BL!NK (Hadron Damnation Book 1) by Mark Lingane

From TheBookbag
Jump to navigationJump to search

BL!NK (Hadron Damnation Book 1) by Mark Lingane

Buy BL!NK (Hadron Damnation Book 1) by Mark Lingane at or

Category: Fantasy
Rating: 4/5
Reviewer: Ani Johnson
Reviewed by Ani Johnson
Summary: Second in the Hadron Damnation series taking us further into a bleak, action-packed future by an author who packs the science into science fiction.
Buy? Yes Borrow? Yes
Pages: 444 Date: May 2017
Publisher: Insync Holdings Pty Ltd
External links: Author's website
ISBN: 978-0994616457

Share on: Facebook Follow us on Twitter Follow us on Instagram

iYe is a smasher: a child who is capable of sending back pictures of the future by travelling out to where the past and future meet. Smashers don't usually live to see their teens as the information generally returns without them. However iYe's mother, Captain Trix Raiden, is determined he'll be different and, indeed he is, in many ways. Not only does iYe survive, he is a chip off the same block as Cally, the planetary hero. However there is a darker side: iYe carries a message that Earth doesn't want to hear. The planet is used to dealing with the aliens that Cally originally fought but worse is on its way. We are coming to kill you.

Australian author Mark Lingane brings us the second book in his Hadron Damnation series, playing with the usual series numbering convention that ties in with his original profession in IT. The first book in the series Fault/lines is classed as Book 0, making this, the second, Book 1. I'm glad to say that, where Mr L is concerned, the confusion starts and finishes right there as the story itself is a roller coaster thrill ride that's a lot easier to follow than the series numbering.

Blink is set years after we finish Fault/lines although Trix and iYe count that instalment's hero Cally as their ancestor. Cally has died but retains legend status, having passed on a plethora of knowledge and discovery before his demise although he hasn't made the world a happier place.

In this way Mark taps into the rich tradition of bleak dystopia, paying homage to one of its classicists while he's at it. There's a moment when one of our heroes refuses to eat soylent beans and those of us who have read Harry Harrison's Make Room! Make Room! empathise entirely.

What dystopia loses in cheer, Mark ensures is more than made up for in action. There's also a high body count as Trix joins up with pilot and hero in his own lunchtime Virgil. Together they try to save the world from current threats before the mega problems start to arrive.

iYe is the central hero as his abilities gradually unfurl with each ghost-like materialisation. Our curiosity surrounding what he's up to helps keep the pages turning between the wonderfully charged set pieces. Yet, for me, the aforementioned Virgil is the scene stealer as well as the most complex character in the book.

The pilot reacts to the effects of his tradition busting first meeting with Trix in a dramatic way afterwards… or we think that's the reason. It's not that easy though. Mark has something up his sleeve that's a real emotional body punch and when it hits, it explains a lot. (Yes, that's all you're getting out of me on that score!) Virgil is a man who develops and morphs towards maturity as we watch. Indeed iYe may have the powers but it's Virgil I dearly hoped would survive to the end.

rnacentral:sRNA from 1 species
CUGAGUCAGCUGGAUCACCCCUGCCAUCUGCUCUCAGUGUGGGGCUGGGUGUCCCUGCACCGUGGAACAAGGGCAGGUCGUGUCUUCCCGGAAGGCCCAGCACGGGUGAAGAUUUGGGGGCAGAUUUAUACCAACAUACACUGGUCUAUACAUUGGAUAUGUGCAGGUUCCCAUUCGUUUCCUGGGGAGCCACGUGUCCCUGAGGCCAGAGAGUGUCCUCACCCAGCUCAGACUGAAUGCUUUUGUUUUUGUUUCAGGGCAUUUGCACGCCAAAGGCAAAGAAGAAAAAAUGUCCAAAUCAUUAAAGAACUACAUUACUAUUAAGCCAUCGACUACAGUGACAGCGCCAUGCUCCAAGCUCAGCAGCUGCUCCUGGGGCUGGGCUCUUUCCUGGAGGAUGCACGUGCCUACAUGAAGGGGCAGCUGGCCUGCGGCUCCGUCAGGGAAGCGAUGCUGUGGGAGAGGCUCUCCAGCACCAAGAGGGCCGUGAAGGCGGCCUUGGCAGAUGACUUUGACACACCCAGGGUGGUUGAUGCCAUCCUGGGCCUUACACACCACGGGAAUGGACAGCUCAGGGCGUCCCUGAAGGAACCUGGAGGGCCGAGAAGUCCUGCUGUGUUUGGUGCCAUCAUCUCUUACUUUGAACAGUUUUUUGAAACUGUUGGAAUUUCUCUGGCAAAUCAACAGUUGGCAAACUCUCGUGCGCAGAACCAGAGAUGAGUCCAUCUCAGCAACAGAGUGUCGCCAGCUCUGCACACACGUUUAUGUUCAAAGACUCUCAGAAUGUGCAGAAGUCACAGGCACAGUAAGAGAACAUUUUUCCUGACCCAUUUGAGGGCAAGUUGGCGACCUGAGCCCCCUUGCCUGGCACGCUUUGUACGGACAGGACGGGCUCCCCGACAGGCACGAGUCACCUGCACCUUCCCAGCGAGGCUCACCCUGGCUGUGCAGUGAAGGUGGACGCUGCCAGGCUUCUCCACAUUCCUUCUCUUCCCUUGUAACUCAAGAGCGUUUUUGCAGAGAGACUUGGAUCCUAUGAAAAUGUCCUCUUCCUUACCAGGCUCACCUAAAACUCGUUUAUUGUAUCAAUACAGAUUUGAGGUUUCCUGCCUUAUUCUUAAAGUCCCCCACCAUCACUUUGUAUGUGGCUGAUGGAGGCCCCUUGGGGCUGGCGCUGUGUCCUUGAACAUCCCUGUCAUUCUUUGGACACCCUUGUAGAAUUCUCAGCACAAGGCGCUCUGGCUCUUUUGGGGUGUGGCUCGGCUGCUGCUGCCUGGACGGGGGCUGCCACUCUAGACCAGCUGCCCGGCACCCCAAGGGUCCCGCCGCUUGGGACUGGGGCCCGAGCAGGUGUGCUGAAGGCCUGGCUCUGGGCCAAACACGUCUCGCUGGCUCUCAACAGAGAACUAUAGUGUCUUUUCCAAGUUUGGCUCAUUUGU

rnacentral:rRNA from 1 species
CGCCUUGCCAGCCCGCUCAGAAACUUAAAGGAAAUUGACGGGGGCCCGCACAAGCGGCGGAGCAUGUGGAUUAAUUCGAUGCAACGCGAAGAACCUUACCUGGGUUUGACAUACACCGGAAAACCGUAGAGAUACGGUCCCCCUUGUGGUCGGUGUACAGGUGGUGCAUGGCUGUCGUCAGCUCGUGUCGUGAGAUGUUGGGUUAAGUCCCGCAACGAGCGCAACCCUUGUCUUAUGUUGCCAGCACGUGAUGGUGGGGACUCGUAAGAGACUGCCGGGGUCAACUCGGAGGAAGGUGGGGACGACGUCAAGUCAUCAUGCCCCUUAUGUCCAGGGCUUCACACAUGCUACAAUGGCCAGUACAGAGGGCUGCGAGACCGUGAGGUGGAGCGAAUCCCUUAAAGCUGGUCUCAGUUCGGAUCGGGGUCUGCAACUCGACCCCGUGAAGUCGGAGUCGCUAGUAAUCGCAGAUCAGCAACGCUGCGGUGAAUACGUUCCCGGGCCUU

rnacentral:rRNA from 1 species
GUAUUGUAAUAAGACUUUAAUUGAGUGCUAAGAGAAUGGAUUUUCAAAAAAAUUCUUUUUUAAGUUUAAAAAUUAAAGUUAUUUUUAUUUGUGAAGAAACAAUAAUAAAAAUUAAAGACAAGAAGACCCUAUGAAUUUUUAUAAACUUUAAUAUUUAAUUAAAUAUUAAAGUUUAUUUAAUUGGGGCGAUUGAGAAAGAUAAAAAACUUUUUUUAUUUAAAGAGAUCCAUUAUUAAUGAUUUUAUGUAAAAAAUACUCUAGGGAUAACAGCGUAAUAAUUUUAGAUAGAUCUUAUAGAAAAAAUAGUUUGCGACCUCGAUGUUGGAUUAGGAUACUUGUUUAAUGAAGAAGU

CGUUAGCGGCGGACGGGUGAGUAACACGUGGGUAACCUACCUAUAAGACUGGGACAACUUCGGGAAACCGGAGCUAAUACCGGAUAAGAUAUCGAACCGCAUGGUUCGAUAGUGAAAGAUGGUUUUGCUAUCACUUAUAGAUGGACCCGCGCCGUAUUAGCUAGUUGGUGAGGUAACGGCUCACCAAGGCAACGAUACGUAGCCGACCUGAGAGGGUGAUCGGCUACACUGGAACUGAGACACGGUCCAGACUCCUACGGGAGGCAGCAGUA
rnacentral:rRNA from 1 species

Although perhaps a little slower in places than Fault/lines, Mark's trademarks are scattered reassuringly throughout his prose. Alongside the nods to his heroes and varied inspirations, there's a self-deprecating plug for something from his back catalogue. (This time Fusion from his exemplary YA Tesla Evolution series.) There's also a merging of real world and fictional. He not only does this with his scientific explanations (easily skipped without ruining the story for anyone with technophobe leanings), there's a hint of someone we may recognise.

General Grove is a wonderful, almost pantomime, villain with such a nifty talent for spin, I'm betting I'm not the only one who superimposed the face of a certain real-life presidential free-world leader, even before the mention of 'Mad Dog'. It definitely worked for me and actually made him scarier… and Grove is pretty scary to start off with.

Lingane leaves us at the end of the book with the same sense of fear and suspense he engendered at the beginning. As the surviving heroes teeter on the edge of an extreme nastiness, the only reassurance is the fact that Book 2 (yes, the third in series) Frac/ure follows soon and I, for one, can't wait!

(We'd like to thank the publisher for providing us with a copy for review.)

Further Reading: If you haven't already, treat yourself to Fault/lines (Hadron Damnation Book 0) so you don't miss out on Cally's part of the story. If you're already a fan of Mark in particular and other good dystopian fiction in general then we also recommend I Am Legend by Richard Matheson and/or Bloodtide by Melvin Burgess. (Feel free to ignore the teen category if you're in an age range ending in 'ties'; great fiction is great fiction.)

Please share on: Facebook Facebook, Follow us on Twitter Twitter and Follow us on Instagram Instagram

Buy BL!NK (Hadron Damnation Book 1) by Mark Lingane at Amazon You can read more book reviews or buy BL!NK (Hadron Damnation Book 1) by Mark Lingane at Amazon currently charges £2.99 for standard delivery for orders under £20, over which delivery is free.
Buy BL!NK (Hadron Damnation Book 1) by Mark Lingane at Amazon You can read more book reviews or buy BL!NK (Hadron Damnation Book 1) by Mark Lingane at


Like to comment on this review?

Just send us an email and we'll put the best up on the site.